Use this URL to cite or link to this record in EThOS: http://ethos.bl.uk/OrderDetails.do?uin=uk.bl.ethos.646851
Title: Phosphorus retention and release from agricultural ditch networks
Author: Li, Shijie
Awarding Body: Ulster University
Current Institution: Ulster University
Date of Award: 2006
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Abstract:
The potential of agricultural drainage ditch sediments to release and retain phosphorus (P) was investigated at six sites in two sub-catchments of the River Blackwater in Counties Monaghan and Armagh, Ireland. The bed sediment was sampled on a fortnightly basis between April 2008 and March 2009: the sediment (top 1 cm) was analysed for total P, individual P fractions (with a modified Psenner sequential extraction scheme), equilibrium P concentration (EPCo), iron (Fe) and manganese (Mn) concentrations; sediment pore water (top 5 cm) and stream water were analysed for soluble reactive P (SRP). In relation to variation in stream discharge, sediment total P (TP) decreased rapidly during the largest storms, followed by calmer hydrological conditions and recovery in sediment TP. This provides field evidence of sediment TP depletion during storms, demonstrating the physical basis of the sediment's net P release in this study. This is also consistent with the interpretation of storm P-discharge hysteresis, where stream P concentration does not follow the rising and falling limbs of the hydrograph, that high discharge events can mobilise P retained in bed sediment. In terms of sediment P fractionation, the reductant-soluble bicarbonate-dithionite (BO) fraction was by far the largest, in terms of concentration and contribution ratio to TP (medians: 41 % - 62%), and the most sensitive to change in discharge, which suggests that the redox-sensitive binding of P to Fe and Mn hydroxides in the BO fraction was the dominant chemical process controlling sediment P. In addition, an inverse relationship was observed between Fe/P ratio in the BO fraction and sediment TP, but the BO-Fe data has been shown to be compromised due to analytical delays and inadequate sample preservation. This observation would have further indicated the chemical basis to sediment P retention during the recovery from storms: a decrease in Fe/P ratio points to the uptake of P by the reductant-soluble amorphous Fe hydroxide in this fraction. The comparison between sediment EPCo (medians: 0.005 - 0.041 mg P L-1 ) and stream P concentration (medians: 0.023 - 0.129 mg P L-1 ) generally indicated potential for sediment P retention. This was in spite of consistently reducing conditions in the bed sediment and the presence of high pore water P concentration at P-enriched sites (highest median: 2.133 mg P L-1 ). No evidence was found that supports the hypothesis that potential sediment P release contributed to the stream water SRP concentration during the stable low flow periods of the summer. This indicates that rural point sources are more likely to be responsible. Therefore, the ditches acted as temporary storage of P from catchment sources, chemically retaining P during low flow periods, before physically releasing the accumulated P load during episodic high discharge events. Under non-storm conditions, the bed sediment was clearly a P sink, mitigating nutrient enrichment in situ and downstream, by removing in-stream P and delaying downstream transport of P loading from catchment sources. There is a need to understand better the potential P release upon physical disturbance by storm flow - in particular the environmental implications of the dominance of the BD-TP fraction and the reductant-soluble Fe-P binding mechanism in the mobilised bed sediment.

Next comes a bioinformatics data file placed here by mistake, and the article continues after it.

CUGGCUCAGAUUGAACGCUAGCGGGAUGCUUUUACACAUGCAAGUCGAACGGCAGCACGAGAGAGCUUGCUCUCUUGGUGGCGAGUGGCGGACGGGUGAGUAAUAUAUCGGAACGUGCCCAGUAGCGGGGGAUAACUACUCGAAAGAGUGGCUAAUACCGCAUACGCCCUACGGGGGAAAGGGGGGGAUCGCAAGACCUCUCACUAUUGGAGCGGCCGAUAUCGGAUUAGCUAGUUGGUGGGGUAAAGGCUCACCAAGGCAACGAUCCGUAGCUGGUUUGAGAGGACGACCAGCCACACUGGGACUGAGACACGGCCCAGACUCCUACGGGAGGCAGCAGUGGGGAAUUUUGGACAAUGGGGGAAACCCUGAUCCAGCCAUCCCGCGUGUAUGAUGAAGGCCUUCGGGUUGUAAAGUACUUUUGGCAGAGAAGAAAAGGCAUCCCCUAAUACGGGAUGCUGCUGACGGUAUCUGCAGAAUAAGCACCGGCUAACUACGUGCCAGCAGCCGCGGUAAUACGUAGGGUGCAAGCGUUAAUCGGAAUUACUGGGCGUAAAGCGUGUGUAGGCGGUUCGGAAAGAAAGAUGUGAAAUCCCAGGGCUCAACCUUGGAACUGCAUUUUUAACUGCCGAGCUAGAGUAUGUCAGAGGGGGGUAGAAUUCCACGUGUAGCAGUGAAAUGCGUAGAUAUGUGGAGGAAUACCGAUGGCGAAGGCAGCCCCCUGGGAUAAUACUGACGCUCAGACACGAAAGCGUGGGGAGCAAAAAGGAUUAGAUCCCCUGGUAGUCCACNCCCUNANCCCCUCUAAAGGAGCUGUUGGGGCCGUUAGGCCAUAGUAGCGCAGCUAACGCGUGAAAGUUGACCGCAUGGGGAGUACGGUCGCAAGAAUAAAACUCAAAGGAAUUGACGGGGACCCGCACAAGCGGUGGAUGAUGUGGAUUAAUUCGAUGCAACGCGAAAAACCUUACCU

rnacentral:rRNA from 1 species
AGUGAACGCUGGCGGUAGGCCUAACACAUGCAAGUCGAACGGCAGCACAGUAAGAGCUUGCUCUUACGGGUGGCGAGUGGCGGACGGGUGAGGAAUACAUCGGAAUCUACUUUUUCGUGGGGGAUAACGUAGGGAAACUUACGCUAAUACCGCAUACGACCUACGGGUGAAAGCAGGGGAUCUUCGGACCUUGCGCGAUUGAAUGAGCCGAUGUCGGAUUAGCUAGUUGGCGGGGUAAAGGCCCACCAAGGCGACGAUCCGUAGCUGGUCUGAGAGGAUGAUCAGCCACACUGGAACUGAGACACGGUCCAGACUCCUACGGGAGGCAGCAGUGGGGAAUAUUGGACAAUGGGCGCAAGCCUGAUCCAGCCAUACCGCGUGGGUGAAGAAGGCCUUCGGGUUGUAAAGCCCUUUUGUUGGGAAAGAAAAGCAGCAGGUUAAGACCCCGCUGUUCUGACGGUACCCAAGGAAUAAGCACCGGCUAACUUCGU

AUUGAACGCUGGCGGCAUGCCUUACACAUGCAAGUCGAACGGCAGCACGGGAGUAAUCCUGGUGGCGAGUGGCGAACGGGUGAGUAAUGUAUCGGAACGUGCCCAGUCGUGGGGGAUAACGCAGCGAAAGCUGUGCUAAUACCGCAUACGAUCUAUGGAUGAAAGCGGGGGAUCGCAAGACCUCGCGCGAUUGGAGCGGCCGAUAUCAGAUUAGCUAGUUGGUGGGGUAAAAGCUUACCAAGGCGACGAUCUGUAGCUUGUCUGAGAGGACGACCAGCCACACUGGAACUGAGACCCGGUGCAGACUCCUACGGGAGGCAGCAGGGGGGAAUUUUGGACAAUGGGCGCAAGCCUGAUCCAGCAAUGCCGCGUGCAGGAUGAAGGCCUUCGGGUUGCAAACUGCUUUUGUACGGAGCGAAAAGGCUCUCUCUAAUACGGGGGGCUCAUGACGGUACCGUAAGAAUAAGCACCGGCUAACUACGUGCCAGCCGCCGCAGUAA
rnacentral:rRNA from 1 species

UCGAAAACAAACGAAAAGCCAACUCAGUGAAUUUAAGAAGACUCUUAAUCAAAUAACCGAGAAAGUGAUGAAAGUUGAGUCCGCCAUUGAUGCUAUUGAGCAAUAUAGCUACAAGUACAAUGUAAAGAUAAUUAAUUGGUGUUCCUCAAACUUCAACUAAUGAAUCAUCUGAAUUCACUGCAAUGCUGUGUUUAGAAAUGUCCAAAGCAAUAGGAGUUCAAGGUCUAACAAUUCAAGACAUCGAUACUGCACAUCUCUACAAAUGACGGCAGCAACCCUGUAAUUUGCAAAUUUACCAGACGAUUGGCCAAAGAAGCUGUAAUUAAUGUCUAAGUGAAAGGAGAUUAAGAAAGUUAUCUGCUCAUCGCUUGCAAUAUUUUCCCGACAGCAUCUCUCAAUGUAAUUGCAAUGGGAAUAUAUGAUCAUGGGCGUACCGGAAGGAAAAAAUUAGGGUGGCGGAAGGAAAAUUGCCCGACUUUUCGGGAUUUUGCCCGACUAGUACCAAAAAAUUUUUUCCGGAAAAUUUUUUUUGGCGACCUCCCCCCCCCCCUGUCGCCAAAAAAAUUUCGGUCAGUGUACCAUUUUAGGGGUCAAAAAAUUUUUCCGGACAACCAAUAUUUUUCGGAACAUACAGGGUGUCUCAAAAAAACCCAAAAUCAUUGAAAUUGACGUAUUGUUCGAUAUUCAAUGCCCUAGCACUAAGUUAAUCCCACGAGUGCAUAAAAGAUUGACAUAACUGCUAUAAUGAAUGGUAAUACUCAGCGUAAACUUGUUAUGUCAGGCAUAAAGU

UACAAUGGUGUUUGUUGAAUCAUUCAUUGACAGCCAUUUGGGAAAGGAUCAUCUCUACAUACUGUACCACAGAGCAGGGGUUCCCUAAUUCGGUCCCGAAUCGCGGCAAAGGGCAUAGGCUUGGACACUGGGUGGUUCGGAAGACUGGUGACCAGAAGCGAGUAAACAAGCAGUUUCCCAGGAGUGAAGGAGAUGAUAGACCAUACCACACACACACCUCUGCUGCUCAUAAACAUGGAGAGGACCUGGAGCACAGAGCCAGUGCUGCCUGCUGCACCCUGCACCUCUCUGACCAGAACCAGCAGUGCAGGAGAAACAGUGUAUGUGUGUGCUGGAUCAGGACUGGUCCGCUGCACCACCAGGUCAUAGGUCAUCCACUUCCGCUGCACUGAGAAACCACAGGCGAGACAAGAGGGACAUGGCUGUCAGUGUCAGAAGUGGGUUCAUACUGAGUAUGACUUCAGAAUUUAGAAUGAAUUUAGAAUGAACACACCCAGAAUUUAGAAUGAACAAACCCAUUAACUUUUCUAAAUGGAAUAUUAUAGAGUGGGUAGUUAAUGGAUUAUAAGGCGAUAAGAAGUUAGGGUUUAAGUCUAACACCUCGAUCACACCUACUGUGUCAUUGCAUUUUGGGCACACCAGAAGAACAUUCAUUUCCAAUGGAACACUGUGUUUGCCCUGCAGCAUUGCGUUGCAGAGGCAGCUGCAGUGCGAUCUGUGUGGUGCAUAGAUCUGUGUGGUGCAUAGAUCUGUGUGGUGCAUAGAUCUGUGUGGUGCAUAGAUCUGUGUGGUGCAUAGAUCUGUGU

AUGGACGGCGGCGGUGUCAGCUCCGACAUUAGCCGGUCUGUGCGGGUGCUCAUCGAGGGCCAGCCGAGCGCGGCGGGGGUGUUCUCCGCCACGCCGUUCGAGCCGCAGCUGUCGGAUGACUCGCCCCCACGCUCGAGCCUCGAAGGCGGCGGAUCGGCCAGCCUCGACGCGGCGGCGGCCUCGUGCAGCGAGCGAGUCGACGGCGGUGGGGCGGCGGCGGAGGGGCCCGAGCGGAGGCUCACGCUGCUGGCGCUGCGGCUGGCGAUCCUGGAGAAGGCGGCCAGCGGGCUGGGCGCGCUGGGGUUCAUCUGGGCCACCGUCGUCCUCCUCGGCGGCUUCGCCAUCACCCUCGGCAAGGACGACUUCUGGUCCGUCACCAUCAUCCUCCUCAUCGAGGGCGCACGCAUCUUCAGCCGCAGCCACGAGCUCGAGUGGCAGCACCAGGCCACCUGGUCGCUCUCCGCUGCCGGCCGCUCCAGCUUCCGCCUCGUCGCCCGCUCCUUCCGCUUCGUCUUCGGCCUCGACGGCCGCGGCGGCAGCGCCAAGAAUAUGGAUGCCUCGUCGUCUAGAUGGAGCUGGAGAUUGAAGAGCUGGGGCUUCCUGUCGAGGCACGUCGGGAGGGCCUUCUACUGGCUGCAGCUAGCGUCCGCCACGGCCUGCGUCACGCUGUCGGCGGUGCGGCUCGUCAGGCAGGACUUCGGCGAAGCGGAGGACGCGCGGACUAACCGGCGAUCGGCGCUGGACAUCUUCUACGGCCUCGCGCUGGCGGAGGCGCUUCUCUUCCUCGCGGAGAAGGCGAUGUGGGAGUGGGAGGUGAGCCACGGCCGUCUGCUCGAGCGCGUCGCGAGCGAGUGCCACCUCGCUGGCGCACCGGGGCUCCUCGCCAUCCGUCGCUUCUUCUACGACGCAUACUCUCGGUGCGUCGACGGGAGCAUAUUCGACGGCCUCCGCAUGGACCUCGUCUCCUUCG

Supervisor: Not available Sponsor: Not available
Qualification Name: Thesis (Ph.D.) Qualification Level: Doctoral
EThOS ID: uk.bl.ethos.646851  DOI: Not available
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